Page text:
The Ultimate Guide to Dog Grooming: From Bathing to Nail Trimming

The Ultimate Guide to Dog Grooming: From Bathing to Nail Trimming

Grooming your dog at home can be a fun thing to do with your furry friend. It's like a spa day for both of you! It makes your dog look nice and keeps them healthy. Today, we'll show you how to take different steps to take care of your dog’s beautiful coat.

Grooming by Coat Type

The kind of fur your dog has decides how you should take care of it. Knowing their fur type will help you know how often they need help staying clean and tidy. Take a look at this chart to find out what your dog needs!

Type of Coat


Breed Examples

Grooming Needs


Short, sleek fur

Labrador Retrievers, Boxers, French Bulldogs

Regular brushing to remove loose hair, occasional bathing. Easiest coat type to maintain.


Long, continuously growing hair

Maltese, Shih Tzu, Afghan Hound

Daily brushing to prevent matting and tangling, baths every 4-6 weeks.


Tightly curled fur

Poodle, Portuguese Water Dog, Bichon Frise

Regular brushing, may require professional grooming every 4-8 weeks.


Stiff, rough, bristle-like fur that stands slightly off the body. 

Scottish Terrier, Wire Fox Terrier, Schnauzer

Coat stripping and regular brushing to remove dead hair and prevent matting, regular trimming of facial hair.


Curly hair that forms long, dreadlock-like cords

Puli, Komondor

This type of coat requires extensive work beyond bathing and brushing. Dogs with corded coats should see a professional groomer regularly.


Two types of coat: a soft furry undercoat and a weather-resistant hair topcoat

Golden Retriever, German Shepherd, Siberian Husky

Frequent brushing to remove loose undercoat hair and reduce shedding, undercoat blows twice a year


Dog has no (or limited) body fur or hair

American Hairless Terrier, Chinese Crested, Xoloitzcuintli 

Nothing to brush, but these dogs require regular bathing and skincare.

Grooming Supplies

Before you start making your dog look their best, get everything you need. Here's a list of what you'll want to have:

  • Dog Shampoo: Choose based on your pet's coat type and any skin conditions they may have.
  • Dog Brushes and Combs: Select the appropriate brush or comb for your dog's coat type. A slicker brush will help break up mats. If you have a double-coated dog, get an undercoat rake.
  • Nail Clippers: Use scissor-style or guillotine-style clippers for dogs
  • Towels: Have some clean towels ready to dry your dog after their bath. Most dogs hate loud noises and won’t enjoy a blow dry.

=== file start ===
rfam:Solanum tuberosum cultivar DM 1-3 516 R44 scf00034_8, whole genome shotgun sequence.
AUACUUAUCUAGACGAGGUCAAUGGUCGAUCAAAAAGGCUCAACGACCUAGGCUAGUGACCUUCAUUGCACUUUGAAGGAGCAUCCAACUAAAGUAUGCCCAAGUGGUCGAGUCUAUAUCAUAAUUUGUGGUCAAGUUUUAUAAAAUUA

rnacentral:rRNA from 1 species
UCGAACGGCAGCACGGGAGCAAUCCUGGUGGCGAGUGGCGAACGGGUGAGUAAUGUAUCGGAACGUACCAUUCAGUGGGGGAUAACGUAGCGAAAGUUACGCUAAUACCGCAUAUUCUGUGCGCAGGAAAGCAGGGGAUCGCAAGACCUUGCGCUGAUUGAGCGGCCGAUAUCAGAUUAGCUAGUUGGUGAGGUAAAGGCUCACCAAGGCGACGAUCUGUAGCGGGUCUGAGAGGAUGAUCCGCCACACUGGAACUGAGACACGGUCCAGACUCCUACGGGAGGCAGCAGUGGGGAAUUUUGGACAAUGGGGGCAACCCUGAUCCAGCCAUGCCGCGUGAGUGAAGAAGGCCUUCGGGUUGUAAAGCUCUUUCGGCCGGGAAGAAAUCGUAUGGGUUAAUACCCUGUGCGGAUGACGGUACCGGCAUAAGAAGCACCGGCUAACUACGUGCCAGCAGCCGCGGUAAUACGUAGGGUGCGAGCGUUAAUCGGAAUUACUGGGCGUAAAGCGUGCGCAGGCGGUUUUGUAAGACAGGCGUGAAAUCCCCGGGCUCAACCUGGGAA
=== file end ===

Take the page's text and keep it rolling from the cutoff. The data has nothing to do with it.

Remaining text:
• Cotton Balls and Ear Cleaner: If your dog has floppy ears, you might need to clean them to keep them healthy
  • Treats: Keep some treats on hand to reward your dog for being good while you groom them.
  • Safety Scissors: Use rounded-tip scissors for trimming any long hair around sensitive areas like the eyes and ears.

Brushing and Bathing Your Dog

Lots of dogs need regular baths. Even if your dog has a short coat, they still require a bath from time to time– especially if they roll in something stinky! Before you get your dog wet, brush their fur really well to get rid of any tangles or mats. If the mats are really bad, you might need to use scissors to cut them out.

Use warm water that's not too hot to get your dog's fur all wet. Then, put a little dog shampoo in your hands. Lather it up and massage it gently into your dog's fur. Be super careful around their eyes, ears, and mouth! When you're rinsing, make sure to get all the shampoo out. Leftover shampoo can make their skin itchy.

Nail Trims

Cutting your dog's nails helps keep them from growing too long and hurting your dog. But lots of dogs don't like having their paws touched. Help your dog get used to the nail clippers by letting them sniff and look at the tool.

If your dog has dark nails, it might be harder to see where to cut. You want to avoid cutting the pink part inside the nail, called the "quick." The quick has blood vessels and nerves, and cutting it can hurt and make it bleed. Go slowly if your dog has dark nails or long nails.

Signs It's Time to See a Professional 

Taking care of your dog at home can be fun for both of you. But there are times when you should ask a pro for help. Here are some signs that it's time to get a professional groomer:

  • Severe matting
  • Aggressive behavior
  • Skin issues like rashes, lumps, or hot spots
  • Ear infections or irritations
  • Special grooming needs like hand-stripping or breed-specific haircuts

Remember, taking care of your dog at home can be great for them and you, but it's okay to get help when you need it. Your dog's comfort and health are the most important things!

Want to see more great dog care tips? Check out the Joyride Blog! We make the best harness for dogs and have all of the best information you need to take care of them!

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